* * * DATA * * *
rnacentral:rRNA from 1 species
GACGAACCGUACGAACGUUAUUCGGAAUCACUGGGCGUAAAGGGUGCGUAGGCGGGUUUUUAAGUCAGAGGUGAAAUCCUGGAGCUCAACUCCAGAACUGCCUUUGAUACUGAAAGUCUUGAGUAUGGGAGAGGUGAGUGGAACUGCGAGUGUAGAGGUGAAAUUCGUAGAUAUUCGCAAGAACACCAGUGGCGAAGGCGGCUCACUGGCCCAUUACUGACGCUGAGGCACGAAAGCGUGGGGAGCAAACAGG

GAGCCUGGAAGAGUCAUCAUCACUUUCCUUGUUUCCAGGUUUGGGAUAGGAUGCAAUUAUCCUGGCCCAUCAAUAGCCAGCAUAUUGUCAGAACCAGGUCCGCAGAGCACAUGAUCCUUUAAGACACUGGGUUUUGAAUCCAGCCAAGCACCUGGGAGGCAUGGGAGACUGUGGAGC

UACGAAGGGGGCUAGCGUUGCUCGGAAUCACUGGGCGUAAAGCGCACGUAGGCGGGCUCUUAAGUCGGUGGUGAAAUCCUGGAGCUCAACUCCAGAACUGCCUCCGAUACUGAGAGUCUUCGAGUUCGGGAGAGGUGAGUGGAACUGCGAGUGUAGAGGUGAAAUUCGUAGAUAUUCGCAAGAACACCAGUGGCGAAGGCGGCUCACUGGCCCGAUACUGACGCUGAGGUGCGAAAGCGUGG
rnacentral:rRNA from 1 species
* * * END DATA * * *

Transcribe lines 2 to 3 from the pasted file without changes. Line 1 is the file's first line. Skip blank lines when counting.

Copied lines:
GACGAACCGUACGAACGUUAUUCGGAAUCACUGGGCGUAAAGGGUGCGUAGGCGGGUUUUUAAGUCAGAGGUGAAAUCCUGGAGCUCAACUCCAGAACUGCCUUUGAUACUGAAAGUCUUGAGUAUGGGAGAGGUGAGUGGAACUGCGAGUGUAGAGGUGAAAUUCGUAGAUAUUCGCAAGAACACCAGUGGCGAAGGCGGCUCACUGGCCCAUUACUGACGCUGAGGCACGAAAGCGUGGGGAGCAAACAGG

GAGCCUGGAAGAGUCAUCAUCACUUUCCUUGUUUCCAGGUUUGGGAUAGGAUGCAAUUAUCCUGGCCCAUCAAUAGCCAGCAUAUUGUCAGAACCAGGUCCGCAGAGCACAUGAUCCUUUAAGACACUGGGUUUUGAAUCCAGCCAAGCACCUGGGAGGCAUGGGAGACUGUGGAGC